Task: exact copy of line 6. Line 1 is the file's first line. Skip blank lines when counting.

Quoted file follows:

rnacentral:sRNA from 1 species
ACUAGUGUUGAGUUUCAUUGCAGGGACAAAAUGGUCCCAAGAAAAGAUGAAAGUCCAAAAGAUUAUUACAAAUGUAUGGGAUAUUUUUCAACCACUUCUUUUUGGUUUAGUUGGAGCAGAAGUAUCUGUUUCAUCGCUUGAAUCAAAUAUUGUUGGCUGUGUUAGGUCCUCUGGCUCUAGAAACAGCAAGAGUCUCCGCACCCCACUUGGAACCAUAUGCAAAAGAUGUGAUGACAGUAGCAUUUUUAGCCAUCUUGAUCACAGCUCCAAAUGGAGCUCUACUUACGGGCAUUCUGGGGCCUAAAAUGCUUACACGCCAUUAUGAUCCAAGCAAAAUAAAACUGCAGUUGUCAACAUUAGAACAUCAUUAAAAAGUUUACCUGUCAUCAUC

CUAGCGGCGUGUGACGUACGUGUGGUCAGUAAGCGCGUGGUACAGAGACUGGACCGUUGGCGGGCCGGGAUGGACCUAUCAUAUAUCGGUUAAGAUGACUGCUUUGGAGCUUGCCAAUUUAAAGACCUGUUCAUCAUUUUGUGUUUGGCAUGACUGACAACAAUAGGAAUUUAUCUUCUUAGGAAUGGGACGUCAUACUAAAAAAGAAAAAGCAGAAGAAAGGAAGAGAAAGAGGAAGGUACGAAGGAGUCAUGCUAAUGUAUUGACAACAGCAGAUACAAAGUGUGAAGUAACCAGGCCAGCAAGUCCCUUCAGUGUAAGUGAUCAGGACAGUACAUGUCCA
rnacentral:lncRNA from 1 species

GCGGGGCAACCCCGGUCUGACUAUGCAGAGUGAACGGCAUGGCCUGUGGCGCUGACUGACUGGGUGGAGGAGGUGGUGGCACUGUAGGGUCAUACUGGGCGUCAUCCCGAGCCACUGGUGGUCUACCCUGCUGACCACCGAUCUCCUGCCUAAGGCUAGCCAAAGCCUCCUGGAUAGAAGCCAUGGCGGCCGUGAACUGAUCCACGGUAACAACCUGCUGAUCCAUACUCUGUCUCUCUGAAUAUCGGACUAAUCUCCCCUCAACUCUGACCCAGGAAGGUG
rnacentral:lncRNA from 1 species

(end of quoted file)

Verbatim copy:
rnacentral:lncRNA from 1 species